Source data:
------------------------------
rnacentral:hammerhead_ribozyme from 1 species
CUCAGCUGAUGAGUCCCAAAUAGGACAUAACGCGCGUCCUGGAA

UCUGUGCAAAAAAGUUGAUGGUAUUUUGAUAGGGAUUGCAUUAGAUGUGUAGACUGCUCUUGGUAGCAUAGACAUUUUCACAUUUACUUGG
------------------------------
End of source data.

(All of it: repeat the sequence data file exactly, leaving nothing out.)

rnacentral:hammerhead_ribozyme from 1 species
CUCAGCUGAUGAGUCCCAAAUAGGACAUAACGCGCGUCCUGGAA

UCUGUGCAAAAAAGUUGAUGGUAUUUUGAUAGGGAUUGCAUUAGAUGUGUAGACUGCUCUUGGUAGCAUAGACAUUUUCACAUUUACUUGG